The Newport Site is located along the Christina River in Newport, Delaware near the I-95, I-495, and Delaware State 141 interchange. The approximately 120-acre Site consists of a pigment manufacturing plant now owned by CIBA Specialty Chemicals Corporation (CIBA), a former chromium dioxide production facility (DuPont Holly Run Plant), two inactive landfills separated by the Christina River, a small recreational area (Ballpark), and associated wetland areas and segment of the Christina River.
Pigment manufacturing began at the Site in 1902 when the site was owned and operated by Henrik J. Krebs. Krebs manufactured Lithopone, a white inorganic pigment, until 1929 when DuPont purchased the plant. Lithopone was produced until approximately 1952. The site then transitioned to manufacturing titanium dioxide as a paint pigment. DuPont also manufactured copper phthalocyanine (CPC) and quinacridone (QA), both organic pigments. Historical operations also included the production of chromium dioxide, high-purity silicon, and other organic and inorganic pigments. The pigment manufacturing operations were purchased by CIBA-GEIGY in 1984 and continue to operate today. DuPont retained the chromium dioxide magnetic recording tape operation at the Holly Run Plant. However, the Holly Run Plant ceased operation in 2000.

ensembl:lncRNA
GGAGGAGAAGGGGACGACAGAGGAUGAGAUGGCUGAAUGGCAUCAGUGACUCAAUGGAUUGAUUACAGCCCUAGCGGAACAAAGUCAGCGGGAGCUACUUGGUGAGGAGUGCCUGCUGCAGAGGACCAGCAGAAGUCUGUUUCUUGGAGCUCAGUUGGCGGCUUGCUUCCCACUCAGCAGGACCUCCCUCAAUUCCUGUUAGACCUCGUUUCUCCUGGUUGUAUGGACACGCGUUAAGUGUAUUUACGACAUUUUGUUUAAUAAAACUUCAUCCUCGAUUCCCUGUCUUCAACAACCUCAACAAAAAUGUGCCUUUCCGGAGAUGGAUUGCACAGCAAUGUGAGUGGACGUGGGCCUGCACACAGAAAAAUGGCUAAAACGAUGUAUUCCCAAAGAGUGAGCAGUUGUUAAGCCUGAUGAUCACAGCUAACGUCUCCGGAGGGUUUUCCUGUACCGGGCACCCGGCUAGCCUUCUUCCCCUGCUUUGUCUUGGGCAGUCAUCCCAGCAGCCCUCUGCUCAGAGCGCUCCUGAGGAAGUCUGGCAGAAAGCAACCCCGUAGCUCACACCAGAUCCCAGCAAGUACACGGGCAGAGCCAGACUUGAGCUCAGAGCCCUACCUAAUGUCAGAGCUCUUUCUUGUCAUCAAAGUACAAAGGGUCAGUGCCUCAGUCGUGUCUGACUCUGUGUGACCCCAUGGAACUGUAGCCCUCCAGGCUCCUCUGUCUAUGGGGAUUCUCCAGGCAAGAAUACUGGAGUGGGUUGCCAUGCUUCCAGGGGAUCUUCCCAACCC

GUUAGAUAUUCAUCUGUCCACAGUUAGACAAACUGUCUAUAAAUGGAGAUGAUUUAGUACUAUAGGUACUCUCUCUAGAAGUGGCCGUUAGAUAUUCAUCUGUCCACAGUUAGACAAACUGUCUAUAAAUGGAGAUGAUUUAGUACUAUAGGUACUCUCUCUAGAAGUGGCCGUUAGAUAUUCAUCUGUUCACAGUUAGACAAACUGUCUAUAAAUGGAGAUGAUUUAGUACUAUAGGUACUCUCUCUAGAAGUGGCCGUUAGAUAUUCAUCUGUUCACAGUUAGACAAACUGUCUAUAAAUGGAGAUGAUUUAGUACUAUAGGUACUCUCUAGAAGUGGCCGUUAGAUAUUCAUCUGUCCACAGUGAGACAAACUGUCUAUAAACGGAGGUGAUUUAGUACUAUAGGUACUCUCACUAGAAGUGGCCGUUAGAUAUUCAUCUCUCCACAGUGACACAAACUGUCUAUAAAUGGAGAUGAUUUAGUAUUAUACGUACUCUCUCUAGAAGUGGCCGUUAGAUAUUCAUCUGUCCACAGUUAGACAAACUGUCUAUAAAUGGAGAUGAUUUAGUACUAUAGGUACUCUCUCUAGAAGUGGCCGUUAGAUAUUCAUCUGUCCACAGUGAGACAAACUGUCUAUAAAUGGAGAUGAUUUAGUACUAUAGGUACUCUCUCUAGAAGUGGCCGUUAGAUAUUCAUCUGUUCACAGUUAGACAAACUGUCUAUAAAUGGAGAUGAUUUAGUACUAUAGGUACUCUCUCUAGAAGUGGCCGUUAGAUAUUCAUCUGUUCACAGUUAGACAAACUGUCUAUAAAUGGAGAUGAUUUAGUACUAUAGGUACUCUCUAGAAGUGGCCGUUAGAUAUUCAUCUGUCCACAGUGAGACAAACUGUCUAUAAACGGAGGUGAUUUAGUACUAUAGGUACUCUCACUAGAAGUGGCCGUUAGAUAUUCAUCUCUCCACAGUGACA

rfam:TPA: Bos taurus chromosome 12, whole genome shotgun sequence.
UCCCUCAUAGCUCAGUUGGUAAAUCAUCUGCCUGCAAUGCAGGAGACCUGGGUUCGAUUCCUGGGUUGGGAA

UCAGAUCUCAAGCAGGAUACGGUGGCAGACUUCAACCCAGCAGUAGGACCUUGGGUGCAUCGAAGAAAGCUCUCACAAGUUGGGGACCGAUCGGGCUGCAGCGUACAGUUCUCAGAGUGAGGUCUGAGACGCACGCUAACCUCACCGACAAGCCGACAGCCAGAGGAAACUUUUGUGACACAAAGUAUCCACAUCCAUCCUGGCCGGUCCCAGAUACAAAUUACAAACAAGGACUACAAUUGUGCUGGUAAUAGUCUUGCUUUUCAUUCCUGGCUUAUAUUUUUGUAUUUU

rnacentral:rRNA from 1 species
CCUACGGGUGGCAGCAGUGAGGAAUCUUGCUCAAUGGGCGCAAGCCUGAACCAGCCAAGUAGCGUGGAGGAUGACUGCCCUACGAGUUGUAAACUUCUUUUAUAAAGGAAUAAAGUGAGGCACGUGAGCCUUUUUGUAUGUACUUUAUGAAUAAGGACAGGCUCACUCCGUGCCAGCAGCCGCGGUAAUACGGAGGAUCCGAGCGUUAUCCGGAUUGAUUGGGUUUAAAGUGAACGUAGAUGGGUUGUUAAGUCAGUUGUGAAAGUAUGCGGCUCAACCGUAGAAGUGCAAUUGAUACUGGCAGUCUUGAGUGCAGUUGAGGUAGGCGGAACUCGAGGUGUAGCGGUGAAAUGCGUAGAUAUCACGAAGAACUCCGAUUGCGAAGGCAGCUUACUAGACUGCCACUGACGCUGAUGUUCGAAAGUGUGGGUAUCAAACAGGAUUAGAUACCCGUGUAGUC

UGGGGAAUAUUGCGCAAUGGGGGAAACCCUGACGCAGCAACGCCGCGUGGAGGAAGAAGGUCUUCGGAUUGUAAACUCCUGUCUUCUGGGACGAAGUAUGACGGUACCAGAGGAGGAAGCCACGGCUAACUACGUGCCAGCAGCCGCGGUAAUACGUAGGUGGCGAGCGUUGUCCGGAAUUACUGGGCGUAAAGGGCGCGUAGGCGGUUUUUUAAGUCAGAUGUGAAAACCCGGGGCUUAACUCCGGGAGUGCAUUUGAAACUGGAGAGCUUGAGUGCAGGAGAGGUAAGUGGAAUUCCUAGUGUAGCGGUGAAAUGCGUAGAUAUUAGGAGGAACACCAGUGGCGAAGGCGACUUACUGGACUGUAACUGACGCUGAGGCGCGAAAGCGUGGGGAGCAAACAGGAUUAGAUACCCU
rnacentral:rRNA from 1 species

During plant operations, two portions of the site bordering the Christina River were used as waste disposal landfills. Landfilling occurred in the North Disposal site and the South Disposal site. The North Disposal site (approximately 7.6 acres) was used for disposal of general refuse and process waste from early 1902 until 1974. After disposal ceased in 1974, the North Disposal site was capped with approximately 2 feet of clayey material. The South Disposal site (approximately 17 acres) was operated from approximately 1902 to 1953. Material deposited in this landfill primarily consisted of insoluble residues of zinc and barite ores that were pumped as slurry through a pipeline across the Christina River.
Two organic pigments (CPC and QA) were manufactured at the site between 1948 and 1958. The presence of tetrachloroethene (PCE) and trichloroethene (TCE) in the soil and groundwater is believed to be associated with the historical use of these organic solvents in the production of these pigments.